Researchers Finally Made the Magic Fat Pill
Researchers from Nanyang Technological University in Singapore (NTU Singapore) have finally created the one true magic pill to fight obesity. The team has developed a prototype capsule that inflates in your stomach to make you feel full.
They call it the "EndoPil," and it contains a balloon that self-inflates after it's activated by a handheld magnet.
The handheld magnet triggers a reaction between acid and salt, which fills the balloon with carbon dioxide.
The idea is that the pill will be swallowed like any other, however researchers have yet to start clinical trials. For now, it worked on a pig that lost about 3.3 pounds in a week.
Last year, the team also performed a trial with a healthy patient volunteer, however the capsule was inserted with an endoscope. The balloon was successfully inflated within her stomach, and she didn’t experience discomfort or injury from the inflation.
Right now, it is quite a horse pill to swallow, measuring about 3 cm x 1 cm. After it’s triggered, the balloon expands to 120 ml and floats to the top of the stomach, which is more sensitive to fullness.
The balloon can then be deflated magnetically to a size small enough to enter the small intestines.
The team hopes to conduct another round of human trials within the year. First they need to make sure that the balloon can be naturally decompressed and expelled by the body, before testing the capsule for its efficacy.
If all goes well, it could one day replace other procedures like lap band surgery, which is invasive and still fails in 1 in 5 patients.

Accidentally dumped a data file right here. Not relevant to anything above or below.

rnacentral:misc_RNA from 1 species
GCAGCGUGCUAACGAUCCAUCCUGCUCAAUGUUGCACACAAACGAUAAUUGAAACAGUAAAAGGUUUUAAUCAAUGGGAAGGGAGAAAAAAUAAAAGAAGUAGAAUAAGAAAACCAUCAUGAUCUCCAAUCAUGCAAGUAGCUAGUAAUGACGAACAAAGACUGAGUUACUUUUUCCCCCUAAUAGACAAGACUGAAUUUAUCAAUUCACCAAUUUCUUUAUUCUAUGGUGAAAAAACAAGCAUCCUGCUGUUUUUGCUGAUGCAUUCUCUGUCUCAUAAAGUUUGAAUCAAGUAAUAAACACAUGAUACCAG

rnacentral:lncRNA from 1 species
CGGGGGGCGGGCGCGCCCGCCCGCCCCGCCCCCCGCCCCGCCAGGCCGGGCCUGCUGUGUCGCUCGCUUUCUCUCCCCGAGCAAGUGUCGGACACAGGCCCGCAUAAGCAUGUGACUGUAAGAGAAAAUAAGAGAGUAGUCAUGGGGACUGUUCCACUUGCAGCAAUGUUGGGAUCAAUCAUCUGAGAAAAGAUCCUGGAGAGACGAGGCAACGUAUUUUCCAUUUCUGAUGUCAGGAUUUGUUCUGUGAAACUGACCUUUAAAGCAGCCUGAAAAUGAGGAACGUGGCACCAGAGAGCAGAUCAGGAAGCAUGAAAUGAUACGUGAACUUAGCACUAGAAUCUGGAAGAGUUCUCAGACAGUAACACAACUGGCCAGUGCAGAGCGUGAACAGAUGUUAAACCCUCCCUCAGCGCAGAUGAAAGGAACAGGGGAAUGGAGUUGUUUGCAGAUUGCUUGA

Researchers Fight Fire with Nanocellulose
Researchers from VTT Technical Research Center in Finland have created a new coating using nanocellulose.
Nanocellulose naturally adheres to wood and forms an airtight film on the surface. This makes nanocellulose-based coatings a good fit for the protective wood treatments.
The coating is based on HefCel technology (High-Consistency Enzymatic Fibrillation of Cellulose), which was developed and patented by VTT.
The coating can be sprayed or brushed on to the wood and it works by reducing the access of oxygen to the surface.
The coating could make a significant impact on the coatings market, particularly in construction materials.
The researchers recently designed new equipment that more efficiently and cost-effectively manufactures larger batches of HefCel and have seen promising results from it’s initial run.
Next, the researchers are looking to potentially commercialize the technology, which could be a possible fit for the paint industry, packaging, composites or simply as a coating industry raw material.
Samsung's Galaxy Fold Fails
Early reviews of Samsung’s new Galaxy Fold have been critical of the new folding screen, but I think the most hilarious came from iFixit as part of the website’s product teardown, “Like a beautiful butterfly, our Fold's life was tragically short … Also like a butterfly, this thing is alarmingly fragile.”
iFixit is a website that provides information to give people more access to repairs. Since some companies don't make parts or manuals readily available, the website is designed to work like one big (and free) repair manual, mostly to encourage people to fix things themselves.
According to iFixit, the phone is easy to get into, but had “overwhelming fragility” which isn’t a good sign if it’s going to demand a $2,000 price point. The teardown also noted that the Fold’s design had “a ton of entry points for dust and other foreign matter to make their way inside” as well as “many different ways for the screen to break.”
Overall, the teardown reinforced concerns from other design reviews, namely the mechanics of the fold wearing out and the high likelihood that the screen will need to be replaced, which is expensive.
Last week, Samsung put the Galaxy Fold on hold to make “further improvements.” The company didn’t give an updated launch date, which was originally set for April 26th.
The company also got iFixit has remove its teardown, which has caused quite a stir. That comment section is an entertaining read.
In the teardown, the authors said “Hopefully it can metamorphose into something a bit more robust to avoid the windshield of fate … Maybe with their extra time, Samsung can add a bit more reinforcement and some ingress protection, so these glorious wings may flap another day!”
This is Engineering By Design.